Animal Writes
21 May 2000 Issue
NEAVS Aids Vet Students Opposing Terminal Labs

BOSTON, MA - Responding to requests for help from veterinary students across the country, the New England Anti-Vivisection Society (NEAVS) is making free information packets available on how to oppose the killing of live animals for physiology and surgical training. Currently, all of the 27 veterinary schools in America kill healthy dogs, cats, or other animals for "educational" purposes. In Britain, this practice has been outlawed.

The NEAVS packet contains sample letters to the editor, lists of available computer models (including pig, cat, frog and soon-to-be-available dog and horse), practice mannequins, and journal articles and student quotations validating the superiority of alternative surgical training. In addition, NEAVS is offering detailed instructions on how vet students can work with veterinarians and no-kill shelters to establish alternative surgical training experiences such as spay/neuter surgeries.

"Since its founding in 1895, NEAVS has had a strong commitment to educating future generations of veterinarians, physicians, researchers and scientists," said NEAVS' President Theodora Capaldo, EdD, a psychologist. "In working to end vivisection, it is imperative that students be offered a new way of thinking and doing things. We must work to change the mindset -- established early in one's professional training -- that animals are disposable commodities."

Capaldo added, "Students, especially those in professions engaged in vivisection, are the single most important population that the anti-vivisection movement must educate and support. The importance of organizations such as Association of Veterinarians for Animal Rights cannot be overemphasized in achieving these changes. With the impressive body of knowledge now available proving that alternatives are educationally and scientifically superior to animal models, our ethical argument is solidly based on scientific fact. The lessons of compassion need never be sacrificed to promote learning."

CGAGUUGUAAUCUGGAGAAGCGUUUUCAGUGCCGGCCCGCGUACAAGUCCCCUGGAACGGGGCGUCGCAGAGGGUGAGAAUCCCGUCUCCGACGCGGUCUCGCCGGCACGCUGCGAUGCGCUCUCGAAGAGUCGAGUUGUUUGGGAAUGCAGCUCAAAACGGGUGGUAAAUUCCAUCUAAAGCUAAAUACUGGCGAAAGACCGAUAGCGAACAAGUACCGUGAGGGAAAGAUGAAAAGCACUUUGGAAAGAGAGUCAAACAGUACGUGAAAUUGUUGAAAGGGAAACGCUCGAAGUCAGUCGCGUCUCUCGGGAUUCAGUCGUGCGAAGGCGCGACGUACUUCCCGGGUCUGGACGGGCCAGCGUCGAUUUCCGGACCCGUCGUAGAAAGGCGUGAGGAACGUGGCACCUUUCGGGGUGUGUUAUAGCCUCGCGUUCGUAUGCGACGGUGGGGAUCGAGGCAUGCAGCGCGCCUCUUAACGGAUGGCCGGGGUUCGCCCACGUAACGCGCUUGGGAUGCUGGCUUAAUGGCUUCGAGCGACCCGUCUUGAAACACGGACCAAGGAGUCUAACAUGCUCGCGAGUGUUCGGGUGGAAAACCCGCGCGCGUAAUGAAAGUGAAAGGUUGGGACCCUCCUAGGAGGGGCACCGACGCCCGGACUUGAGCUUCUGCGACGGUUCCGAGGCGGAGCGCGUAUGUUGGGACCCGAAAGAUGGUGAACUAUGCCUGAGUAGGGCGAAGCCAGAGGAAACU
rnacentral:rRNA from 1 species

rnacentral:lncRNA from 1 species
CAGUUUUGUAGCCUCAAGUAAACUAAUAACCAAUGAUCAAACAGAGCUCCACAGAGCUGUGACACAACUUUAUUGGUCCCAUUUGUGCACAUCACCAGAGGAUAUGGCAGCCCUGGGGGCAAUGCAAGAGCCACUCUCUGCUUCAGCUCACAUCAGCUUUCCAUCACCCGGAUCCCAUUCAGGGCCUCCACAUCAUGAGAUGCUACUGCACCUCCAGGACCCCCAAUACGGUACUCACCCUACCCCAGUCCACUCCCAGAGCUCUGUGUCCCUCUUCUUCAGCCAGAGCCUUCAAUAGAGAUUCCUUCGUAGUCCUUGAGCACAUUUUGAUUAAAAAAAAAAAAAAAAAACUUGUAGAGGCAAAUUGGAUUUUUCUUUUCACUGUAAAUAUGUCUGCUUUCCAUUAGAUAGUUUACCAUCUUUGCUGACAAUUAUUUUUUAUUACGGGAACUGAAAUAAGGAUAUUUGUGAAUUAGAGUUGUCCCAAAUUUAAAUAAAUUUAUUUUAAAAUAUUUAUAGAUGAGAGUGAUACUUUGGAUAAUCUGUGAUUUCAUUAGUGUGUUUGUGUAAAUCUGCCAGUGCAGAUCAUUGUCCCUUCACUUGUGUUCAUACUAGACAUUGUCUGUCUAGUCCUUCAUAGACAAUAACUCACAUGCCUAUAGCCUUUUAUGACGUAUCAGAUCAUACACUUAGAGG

Said Ann Stauble, NEAVS' Vet Ed Program Coordinator and Research Specialist, "The argument that animals killed for surgical training would be euthanized anyway is a poor one. The biggest killer of dogs and cats in this country is not a disease -- it's euthanasia due to over-population. Veterinarians and students should be fighting this killer together, not using it as an excuse to justify unnecessary cruelties and teach our future vets that animals are disposable."

Stauble noted, "In the NEAVS Vet Ed Program most of our students perform early-age sterilizations. In addition to learning surgical skills in a humane way, they're saving hundreds of animal lives. Research shows that vet students can learn both physiology and surgery through humane teaching just s well as students who participate in terminal labs."

NEAVS has been working not only to end practices such as terminal dog lab but, as importantly, to help shape a humane ethic in the veterinarians of the future. This latest groundswell of student sentiment against the abusive use of animals in veterinary education is a clear call to veterinary schools across the country to stop the killing, according to NEAVS.

To request free information packets, call NEAVS at 617-523-6020 x13;

email [email protected] or visit the NEAVS Web site at

Source: [email protected] (Ann Stauble)

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